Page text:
Five individuals with different extreme phobias end up in a secret government facility. There, a deranged doctor forces them to relive their fears in a twisted attempt to weaponize their fear.

This delightfully disturbing horror anthology brings together different subgenres into one cohesive film. Phobias consists of five different tales of fear connected by an overarching story. The directors behind the anthology include Camilla Belle making her directorial debut, Maritte Go, Joe Sill (Stay), Jess Varley (Camping Safe), and Chris von Hoffmann (Monster Party). Each director also wrote the screenplays for their segments with Broderick Engelhard collaborating with Go on her segment. While every segment is very different, ranging from sci-fi thrillers to supernatural chillers and everything in between, they all look and feel like they belong in the same world. Surprisingly, each segment also focuses on the more serious, emotional side of fears and suspense rather than big scare or gore. Each segment gives the audience something new and exciting to consume.

Another great thing about Phobias is that it doesn’t focus on fears that you might expect. Viewers might go into the film expecting to see nyctophobia, claustrophobia, coulrophobia, and others popular fears. Instead, each filmmaker took the idea of a lesser known fear and crafted unsettling stories. The fears, which are also the different segment titles, include Robophobia (fear of robots or AI), Vehophobia (fear of driving), Hoplophobia (fear of guns), Ephebiphobia (fear of youth or teenagers), and Atelophobia (fear of being imperfect). These are fears most people, including myself, have likely never even heard of. The filmmakers do a fantastic job of taking the basic idea of each fear and turning it into a haunting and effective work of horror.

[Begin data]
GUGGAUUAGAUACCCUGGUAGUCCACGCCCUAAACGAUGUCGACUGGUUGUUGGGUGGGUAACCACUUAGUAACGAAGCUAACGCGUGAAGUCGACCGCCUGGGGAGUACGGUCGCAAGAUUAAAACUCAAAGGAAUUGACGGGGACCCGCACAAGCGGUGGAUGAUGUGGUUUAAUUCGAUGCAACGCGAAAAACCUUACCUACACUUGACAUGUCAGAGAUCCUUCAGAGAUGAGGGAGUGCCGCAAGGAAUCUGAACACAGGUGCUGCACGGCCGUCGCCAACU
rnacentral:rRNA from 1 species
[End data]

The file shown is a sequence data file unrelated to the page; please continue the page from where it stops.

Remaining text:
The leads of all five segments are all wonderful, yet a few of the performances in Phobias stand out a bit more than others. Leonardo Nam (The Perfect Score, Westworld) plays Johnny from the “Robophobia” segment. Johnny is a truly endearing character who is doing everything he can to take care of his ailing immigrant father. Nam gives a surprisingly emotional performance as he deals with some pretty poignant subject matter. Hana Mae Lee (Pitch Perfect, The Babysitter) plays Sami in the “Vehophobia” segment. Fans have seen Lee play some wonderfully outrageous characters before, but this time she delivers a more understated performance. In the “Hoplophobia” segment, Martina García (ABCs of Death 2, Narcos) plays Alma. García especially excels at conveying Alma’s obvious PTSD related to guns and the extreme consequences that go along with her fear. Other great performances come from Lauren Miller Rogen (50/50), Macy Gray (Domino), and Ross Partridge (Stranger Things).

Everything from the visuals to the music helps to make this an enjoyable film. Composer Jacques Brautbar (Ravage) created a beautiful musical score. For Phobias, Brautbar utilized synthesizers and strings to bring haunting sounds to each segment. The filmmakers decided to use both CGI and practical effects for the film. Despite using both methods, each technique is used in a very minimal way. This allows the effects to seamlessly integrate into each scene, enhancing the terror without taking away from the actors. Add wonderful cinematography and lots of green lighting, which I’m partial to, and you get a stunning work of film.

Phobias is a cohesive collection of fearful stories from a group of talented newer filmmakers. Most of the directors behind these tales either have no experience at all, have only done a few shorts, or have done some shorts and one or two features. One thing is for sure, these are filmmakers horror fans will want to pay attention to and see what they all do in the future. Phobias gives audiences multiple horror subgenres, incredibly strong performances, subtle yet effective visuals, and a powerful musical score to bring it all together. This is one horror anthology you won’t want to miss.


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